Lakeshore residents and lake enthusiasts are becoming frustrated by the return of blue-green algal blooms - some that have been confirmed as harmful - to Keuka, Seneca and Canandiagua Lakes this summer.
Experts say the greenish, slimey substance is likely to persist through the end of summer, and return in the future while efforts to identify and reduce the conditions that lead to them continue.
The beaches at Indian Pines and Red Jacket parks in Penn Yan were closed again Monday evening, Aug. 27, for suspected blue-green algal blooms. This is the third time this month that the beaches have been closed.
Last week, a bloom was discovered near Perry Point on Seneca Lake, just south of Dresden, and a blue-green algae bloom reported Aug. 24 on Canandaigua Lake closed Onanda Park Beach in Canandaigua for the entire weekend due to concerns relating to blue green algae. The swim beach at Deep Run on the lake’s east side in Gorham is also closed due to algae.
Beginning the plan
There are efforts underway to find solutions, and lake organizations, municipalities, and even corporations are working together to solve the problems that could impact local tax bases, tourism, and the overall economy.
Members of the Seneca Watershed Intermunicipal Organization (SWIO) learned in July that $200,000 to fund a manager for the Seneca Lake Watershed has been secured in the state budget through the efforts of State Sen. Pam Helming. The SWIO has also secured $75,000 toward the local match toward a $360,000 grant to develop a Nine-Element (9E) plan for the Seneca Lake Watershed. Steuben, Schuyler, Ontario, and Yates Counties and SWIO have each pledged $5,000, and Corning Inc. has promised $50,000.
While those efforts are underway, more members of the public are getting involved by becoming better informed about the issues, volunteering to monitor shorelines, and collecting water samples for testing.
Roughly 300 people turned out last week to attend two meetings where they learned more about the conditions that result in the sometimes toxic blooms and about the kind of plan that could help secure resources to reduce the chance of the always present algae flourishing in the Finger Lakes.
Aug. 20 about 150 people attended a Keuka Lake Water Quality Summit at Keuka College, where they heard presentations from researchers, advisors, and a representative from the State Department of Environmental Conservation. Aug. 23 another group of about 150 people gathered in Watkins Glen for the Seneca Lake Pure Waters Association annual dinner, where Liz Moran of EcoLogic outlined the process for developing a 9-Element Plan.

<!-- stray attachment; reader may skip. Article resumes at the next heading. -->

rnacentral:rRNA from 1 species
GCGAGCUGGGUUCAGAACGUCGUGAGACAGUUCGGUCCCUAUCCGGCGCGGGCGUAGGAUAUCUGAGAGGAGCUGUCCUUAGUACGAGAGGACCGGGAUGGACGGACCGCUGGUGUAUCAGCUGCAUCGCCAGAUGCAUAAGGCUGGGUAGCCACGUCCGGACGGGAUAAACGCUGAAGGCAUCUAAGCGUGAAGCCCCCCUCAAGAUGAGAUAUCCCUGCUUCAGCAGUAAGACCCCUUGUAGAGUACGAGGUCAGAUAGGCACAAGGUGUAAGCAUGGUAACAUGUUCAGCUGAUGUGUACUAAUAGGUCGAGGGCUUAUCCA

Those who attended the Keuka Lake meeting, learned the basics about the probable causes of harmful algal blooms (HABs): increased nutrient levels from land use changes, intense weather events, and various sources.
Those who attended the Seneca Lake meeting learned about the process that has already begun to establish a 9E plan for the Seneca watershed, which includes Keuka Lake.
Moran said while finalizing a 9E plan can take up to two years, there are things that can be done during the plan’s development.
A 9E plan determines the sources of pollutants entering the lake, particularly through streams and ditches; sets goals for water quality; and describes best practices to improve and maintain water quality. A 9E plan is necessary for a watershed to be eligible for future state and federal funding. With 62 blooms reported in various lakes around New York State in August alone, there is plenty of competition for securing the funds for research and planning.
Moran said with the Seneca Lake Watershed Management Plan that was prepared through a partnership of the Finger Lakes Institute, Hobart & William Smith Colleges, Genesee/Finger Lakes Regional Planning Council, and Southern Tier Central Regional Planning & Development Board, the Seneca Watershed has a good start toward establishing a plan.
The collaboration that is already underway in the Seneca Watershed should work in favor of efforts, says Moran. She says the aim of a 9E plan is to pinpoint which steps will have the biggest impact on the lakes’ health.
“The phosphorus levels for Keuka and Seneca Lakes are already reasonably low, but we are already getting HABs,” she said, adding, “A lot of information has been gathered and we have a lot of good people working on this.”
“We’re all in this together, and we all need to give a little,” said Seneca Lake Pure Waters Board member John Socha of Plum Point during Moran’s talk in Watkins Glen.